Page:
Arthur Russell - Corn LP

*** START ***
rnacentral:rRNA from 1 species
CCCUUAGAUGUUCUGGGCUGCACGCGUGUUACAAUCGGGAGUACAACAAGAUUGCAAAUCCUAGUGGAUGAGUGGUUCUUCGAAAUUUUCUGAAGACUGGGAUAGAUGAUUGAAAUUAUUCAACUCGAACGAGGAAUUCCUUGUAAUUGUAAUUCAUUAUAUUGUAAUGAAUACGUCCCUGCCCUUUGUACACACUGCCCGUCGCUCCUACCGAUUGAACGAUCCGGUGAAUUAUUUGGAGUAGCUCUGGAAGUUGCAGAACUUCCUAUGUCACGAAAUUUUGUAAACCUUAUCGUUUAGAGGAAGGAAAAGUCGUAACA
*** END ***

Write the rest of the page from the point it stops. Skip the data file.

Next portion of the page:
The curious case of Arthur Russell continues with a new posthumous collection of previously unreleased versions of archival material recorded in the early eighties, but sounding as modern as ever. Like Love is Overtaking Me and Calling Out of Context, Corn was material that was being prepared for release at the time of its making, but for reasons unknown was scrapped. Russell was infamous for never being able to finish anything (he only released one proper album, World of Echo, in his lifetime, and many of his most popular dance tracks had multiple versions and often had to be finished by other producers such as Walter Gibbons and Francis Kevorkian), and it wasn't until after his death from AIDS in 1992 at the age of 40, that the world got to hear the full breadth of his musical genius. Flirting with modern classical, folk, disco and rock sometimes all in the same track but oftentimes exploring one genre expansively at great length, Corn mostly explores electro-pop, with a little bit of everything in between. With voice, drum rhythms and distorted cello, the music is neither quite aimed for the dancefloor like The World of Arthur Russell collection, nor is it as spare and oceanic as World of Echo or Another Thought. Instead, it strikes a highly listenable middle ground that takes a few of his better known tracks such as "Let's Go Swimming" and "This Is How We Walk On The Moon" into quite different pop-dance territory than on previous collections. And we don't recall the distorted cello having been such a sonic force on previous collections either, culminating in the eight minute abstract noisescape "Ocean Movie" that concludes this collection. While we originally thought this wouldn't be the collection we'd recommend for the uninitiated, we have been consistently selling copies every time we have played it in the store to folks who have no idea who Arthur Russell was, and we ourselves and been loving this release more and more each time we listen. Recommended!